Hacker "Sabu" Dodges Stiff Prison Term Thanks To His "Truly Extraordinary" Work As FBI Snitch
A notorious hacker avoided prison today when a federal judge ruled that his extensive cooperation with federal investigators warranted probation, not a term of incarceration that could have exceeded 20 years.
Hector “Sabu” Monsegur, who helped investigators identify his cohorts in “hacktivist” groups like Anonymous, Internet Feds, and Lulzsec was sentenced this morning by Judge Loretta Preska in U.S. District Court in Manhattan.
According to federal sentencing guidelines, Monsegur, 30, faced between 259 and 317 months in custody for his conviction on 12 felony counts. In a May 23 court filing, prosecutors argued that Monsegur’s cooperation was so “extraordinarily valuable and productive” that he was entitled to a “substantial downward departure” from sentencing guidelines.
Additionally, government lawyers asked Preska for “relief from the otherwise mandatory minimum sentence in this case.”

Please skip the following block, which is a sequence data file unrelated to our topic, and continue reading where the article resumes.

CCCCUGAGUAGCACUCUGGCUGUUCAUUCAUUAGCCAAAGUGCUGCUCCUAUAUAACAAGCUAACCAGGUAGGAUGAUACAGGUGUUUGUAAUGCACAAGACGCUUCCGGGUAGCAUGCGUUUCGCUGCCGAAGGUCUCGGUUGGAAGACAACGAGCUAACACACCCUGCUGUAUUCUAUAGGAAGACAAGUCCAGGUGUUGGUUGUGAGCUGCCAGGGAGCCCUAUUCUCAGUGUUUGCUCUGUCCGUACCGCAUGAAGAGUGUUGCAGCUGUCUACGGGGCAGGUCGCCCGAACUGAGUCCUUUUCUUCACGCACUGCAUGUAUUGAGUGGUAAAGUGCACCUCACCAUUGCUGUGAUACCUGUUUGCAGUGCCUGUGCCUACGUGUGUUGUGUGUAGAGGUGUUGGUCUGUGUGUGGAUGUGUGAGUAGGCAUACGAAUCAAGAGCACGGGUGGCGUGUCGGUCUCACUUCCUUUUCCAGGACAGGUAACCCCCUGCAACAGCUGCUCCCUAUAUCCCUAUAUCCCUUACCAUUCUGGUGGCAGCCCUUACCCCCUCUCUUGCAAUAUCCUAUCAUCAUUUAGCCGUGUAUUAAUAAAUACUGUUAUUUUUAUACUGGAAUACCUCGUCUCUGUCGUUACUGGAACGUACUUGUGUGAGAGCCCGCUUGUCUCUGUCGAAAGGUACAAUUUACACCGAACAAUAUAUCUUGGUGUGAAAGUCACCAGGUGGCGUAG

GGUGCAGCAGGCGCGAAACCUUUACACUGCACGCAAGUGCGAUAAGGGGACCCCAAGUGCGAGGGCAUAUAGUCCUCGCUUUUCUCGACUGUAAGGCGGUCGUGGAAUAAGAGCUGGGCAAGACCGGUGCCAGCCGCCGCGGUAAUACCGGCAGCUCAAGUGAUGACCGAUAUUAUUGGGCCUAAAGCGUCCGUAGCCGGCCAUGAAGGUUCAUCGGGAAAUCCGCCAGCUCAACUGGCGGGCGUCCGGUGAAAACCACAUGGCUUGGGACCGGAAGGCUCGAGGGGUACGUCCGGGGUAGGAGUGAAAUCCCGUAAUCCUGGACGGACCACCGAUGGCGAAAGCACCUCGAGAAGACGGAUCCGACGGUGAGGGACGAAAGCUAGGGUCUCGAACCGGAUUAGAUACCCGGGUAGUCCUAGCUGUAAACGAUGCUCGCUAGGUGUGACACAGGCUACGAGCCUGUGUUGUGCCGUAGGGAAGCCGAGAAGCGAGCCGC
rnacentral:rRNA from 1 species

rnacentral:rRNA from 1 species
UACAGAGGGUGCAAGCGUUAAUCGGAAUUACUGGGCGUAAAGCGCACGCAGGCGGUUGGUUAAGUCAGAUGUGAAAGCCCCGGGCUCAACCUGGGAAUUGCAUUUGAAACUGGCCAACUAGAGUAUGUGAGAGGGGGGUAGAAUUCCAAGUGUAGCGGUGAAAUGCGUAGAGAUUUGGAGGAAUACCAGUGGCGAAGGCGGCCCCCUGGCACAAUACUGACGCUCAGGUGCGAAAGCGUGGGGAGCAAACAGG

While prosecutors did not request a specific sentence for Monsegur, the filing noted that the United States Probation Office had recommended a sentence of time served. Monsegur, seen above, immediately began cooperating with the FBI following his June 2011 arrest. In March 2012, his cooperation was disclosed at the time criminal charges were filed against some of his fellow hackers.
Citing Monsegur’s “truly extraordinary” cooperation with federal agents, Preska sentenced the hacker to time served and one year of supervised release. She credited Monsegur with “turning on a dime” to do “good.”
In brief remarks, Monsegur told Preska that he had done a lot of “thinking and soul searching and evolving, psychologically, emotionally” since his arrest. “One of the things I realized is that I hurt my family the most, my friends, and victims in the case,” he added.